[Skip to Content]
[Skip to Content Landing]
September 1995

Career Choice in One General Pediatric Title VII–Supported Residency

Author Affiliations

From the Division of General Pediatrics, Department of Pediatrics, Boston (Mass) University School of Medicine and Boston City Hospital (Drs Alpert, Bauchner, Pelton, Siegel, and Vinci), and Boston University School of Public Health (Ms Levenson).

Arch Pediatr Adolesc Med. 1995;149(9):1019-1021. doi:10.1001/archpedi.1995.02170220085011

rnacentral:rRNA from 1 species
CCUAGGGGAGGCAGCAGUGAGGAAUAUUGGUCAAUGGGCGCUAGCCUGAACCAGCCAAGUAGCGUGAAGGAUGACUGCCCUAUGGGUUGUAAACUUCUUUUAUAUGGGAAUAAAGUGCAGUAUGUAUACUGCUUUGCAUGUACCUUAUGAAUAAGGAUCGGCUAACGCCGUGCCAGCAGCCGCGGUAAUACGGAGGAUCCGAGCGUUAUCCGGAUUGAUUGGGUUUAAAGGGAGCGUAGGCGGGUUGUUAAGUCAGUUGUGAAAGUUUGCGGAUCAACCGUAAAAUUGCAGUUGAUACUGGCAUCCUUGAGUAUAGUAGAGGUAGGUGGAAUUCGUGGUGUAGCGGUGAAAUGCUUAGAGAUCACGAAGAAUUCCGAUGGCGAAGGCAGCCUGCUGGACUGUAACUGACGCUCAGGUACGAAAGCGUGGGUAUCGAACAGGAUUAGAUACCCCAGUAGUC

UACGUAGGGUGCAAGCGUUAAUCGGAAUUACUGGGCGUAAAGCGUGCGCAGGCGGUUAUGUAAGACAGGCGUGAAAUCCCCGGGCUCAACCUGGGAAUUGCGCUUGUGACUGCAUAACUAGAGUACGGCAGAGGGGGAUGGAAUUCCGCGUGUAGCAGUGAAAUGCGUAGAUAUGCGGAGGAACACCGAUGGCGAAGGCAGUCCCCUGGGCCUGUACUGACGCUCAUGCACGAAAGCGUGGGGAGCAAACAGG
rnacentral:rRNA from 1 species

The concern that there are too few generalist physicians and too many specialists is part of the ongoing health care debate. Medical educators have been challenged at the graduate and undergraduate levels to educate more generalists. While some question the actual effect of medical education on the choice of a generalist career, others strongly express the view that a generalist curriculum influences graduates to pursue a career in primary care.1,2 Residency training programs are largely based in hospitals, and pediatric practice is largely community based. The terms educational malpractice, educational mismatch, and, most recently, educational dysjunction have been used to describe the difference between the educational and practice experience.3